The knock at the door startled me. Who the heck would be out in this cold? I opened it to the delightful face of my new friend, Mary, standing on my porch in her multi-colored toboggan and holding a container of something yummy.
She was just stopping by for a second to drop off some soup for me and Todd, just because. So like her. We chatted for a few minutes about nothing in particular, then she had to run because she was double-parked. Just before she left, she casually mentioned that she was taking her daughter Emma in for some bloodwork that week, and asked if we would keep her in our prayers. She followed that with something about the doctor thinking she may be anemic, without a touch of worry in her voice. Just say a little prayer. Of course! Keep us posted. Okay then. Thanks for the soup. Be careful, see you later.
I closed the door, and with the soup in my hand, I said to Todd, I hope she doesn’t have cancer.
Mary and I had apparently been neighbors for some time without knowing it. We attended the same church in Grove City, but hadn’t even realized we just lived across the railroad tracks from each other in the town of Mount Sterling, about 25 minutes from church.
We’d met at church somehow, and later she came to my house in November 2009 to pack shoeboxes for Operation Christmas Child. I was so hoping she would be My People. You spend 5 minutes with Mary and you love her for life. She’s so down-to-earth and positive. Wherever you are and whatever you’re doing, she makes you feel like you’re at home.
We’d gotten to know each other a bit since that night we packed shoeboxes together, and we’d already had some great conversations over tea about everything under the sun. I was so excited to have a friend nearby since no one in the universe lived in that dinky town with whom I’d made a connection. Mary was a breath of fresh air to me.
And now here I was, just a few months after we’d met, peering out the curtain at my new friend. She had dropped off soup for us for no reason at all, and now she was walking off my front steps out into the cold, as I said a silent prayer that her Emma didn’t have cancer.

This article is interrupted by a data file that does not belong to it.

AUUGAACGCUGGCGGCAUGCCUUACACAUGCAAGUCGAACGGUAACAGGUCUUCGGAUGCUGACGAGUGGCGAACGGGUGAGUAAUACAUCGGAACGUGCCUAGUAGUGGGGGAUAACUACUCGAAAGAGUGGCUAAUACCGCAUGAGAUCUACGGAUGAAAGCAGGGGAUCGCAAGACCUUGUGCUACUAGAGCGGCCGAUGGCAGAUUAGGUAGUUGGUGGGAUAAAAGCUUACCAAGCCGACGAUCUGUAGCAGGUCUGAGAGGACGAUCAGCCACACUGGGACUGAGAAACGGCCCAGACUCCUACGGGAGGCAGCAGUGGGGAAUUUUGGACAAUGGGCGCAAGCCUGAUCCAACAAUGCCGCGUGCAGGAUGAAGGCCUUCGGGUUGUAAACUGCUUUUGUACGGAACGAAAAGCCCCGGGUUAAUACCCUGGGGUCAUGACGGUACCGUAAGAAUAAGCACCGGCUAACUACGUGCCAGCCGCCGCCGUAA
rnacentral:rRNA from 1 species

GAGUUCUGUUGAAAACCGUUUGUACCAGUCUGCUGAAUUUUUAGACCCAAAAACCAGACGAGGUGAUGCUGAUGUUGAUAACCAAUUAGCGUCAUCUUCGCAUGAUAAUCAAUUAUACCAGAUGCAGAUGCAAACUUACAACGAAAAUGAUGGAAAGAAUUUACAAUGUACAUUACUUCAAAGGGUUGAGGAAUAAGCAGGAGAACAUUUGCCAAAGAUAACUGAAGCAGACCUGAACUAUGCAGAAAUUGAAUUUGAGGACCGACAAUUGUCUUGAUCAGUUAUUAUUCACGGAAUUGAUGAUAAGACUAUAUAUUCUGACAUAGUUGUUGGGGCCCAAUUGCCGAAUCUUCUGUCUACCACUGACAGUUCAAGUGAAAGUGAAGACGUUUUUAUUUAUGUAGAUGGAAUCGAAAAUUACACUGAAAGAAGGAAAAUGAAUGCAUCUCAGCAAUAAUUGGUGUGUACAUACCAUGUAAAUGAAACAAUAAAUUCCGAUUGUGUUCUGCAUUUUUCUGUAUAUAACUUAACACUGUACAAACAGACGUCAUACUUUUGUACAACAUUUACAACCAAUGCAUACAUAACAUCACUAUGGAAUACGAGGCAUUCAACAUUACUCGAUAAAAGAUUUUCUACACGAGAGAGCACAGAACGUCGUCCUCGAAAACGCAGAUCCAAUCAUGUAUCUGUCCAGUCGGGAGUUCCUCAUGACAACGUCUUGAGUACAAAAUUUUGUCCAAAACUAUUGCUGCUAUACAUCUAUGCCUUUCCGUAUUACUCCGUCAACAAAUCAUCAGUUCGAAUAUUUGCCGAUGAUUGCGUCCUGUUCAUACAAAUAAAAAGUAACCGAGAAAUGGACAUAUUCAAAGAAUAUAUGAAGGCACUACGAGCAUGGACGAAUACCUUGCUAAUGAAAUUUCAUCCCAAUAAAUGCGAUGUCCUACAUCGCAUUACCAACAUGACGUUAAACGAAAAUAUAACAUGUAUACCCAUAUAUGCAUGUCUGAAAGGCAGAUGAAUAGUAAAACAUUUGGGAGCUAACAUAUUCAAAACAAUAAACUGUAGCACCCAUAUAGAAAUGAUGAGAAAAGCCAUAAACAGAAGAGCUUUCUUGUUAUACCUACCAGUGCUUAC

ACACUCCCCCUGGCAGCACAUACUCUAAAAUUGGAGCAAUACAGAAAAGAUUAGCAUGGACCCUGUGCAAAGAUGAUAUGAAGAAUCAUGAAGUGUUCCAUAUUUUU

Why would you even say that!? I deserved the scolding tone in which my husband was asking this, but honestly I couldn’t answer. I had no idea why my mind immediately went to cancer when my friend had just asked us to pray for a simple blood draw and some tests for anemia. I shook it off, decided not to mention it out loud again to avoid the bad juju, and we prayed for Emma to be calm through her routine bloodwork.
Within a couple of months, I was trying unsuccessfully to balance on one leg while I quickly pulled jeans onto the other, eyes watery, telling Todd that I just had to go. I wasn’t sure what I would say or do when I got there, but I just felt like I should go. Yes, it was after 10:00 at night. No I don’t know if she wants visitors necessarily. I just feel like I should be there with my friend. I still had the phone in my hand that had just communicated the message that Emma did indeed have cancer. I was on my way to the hospital to be with Mary, and I had no idea why.
Sometimes Our People’s stuff compels us to action. Mary had just found out her daughter had cancer, and I just needed to see her and hug her and tell her (even if I didn’t know how it would be true) that everything would be okay. So that’s what I did. It was a strange gesture, showing up at the hospital like that, seeing as how we had been friends for less than 6 months, but I just felt it was the right thing, right then.
Mary says now that this is when she knew we were each other’s People. She says, “What I do remember was that evening you ran up to the hospital right away and I met you in the hall just off the elevator and you cried with me. It was one of those moments that I felt like I was slipping off the face of the earth and God used you as one of the ropes holding me.”
I’ve said it before, friends. We never have any idea what our showing up can do for a friend. The gestures seem small, inadequate and sometimes even pointless. But they can make a huge impact.
The next year was a whirlwind of surgeries, appointments, chemo, CaringBridge updates, recovery, emotions, etc… for Emma and for their whole family, really. I am still amazed at how they all handled themselves during this time. To say it was difficult would be a gross understatement. Of course it was. But as a friend who bore witness to the whole process, there were so many incredible moments that happened during that time.
Mary lived out her faith in front of me in a way I had never seen anyone do before. Even in the ugliest of moments, she talked about how she felt God’s peace and was learning so much. Her graceful demeanor and carefully measured words during that time were more comforting and convicting to me than any other sermon I’d ever heard. Just after she found out that Emma had cancer, she wrote this about the whole situation: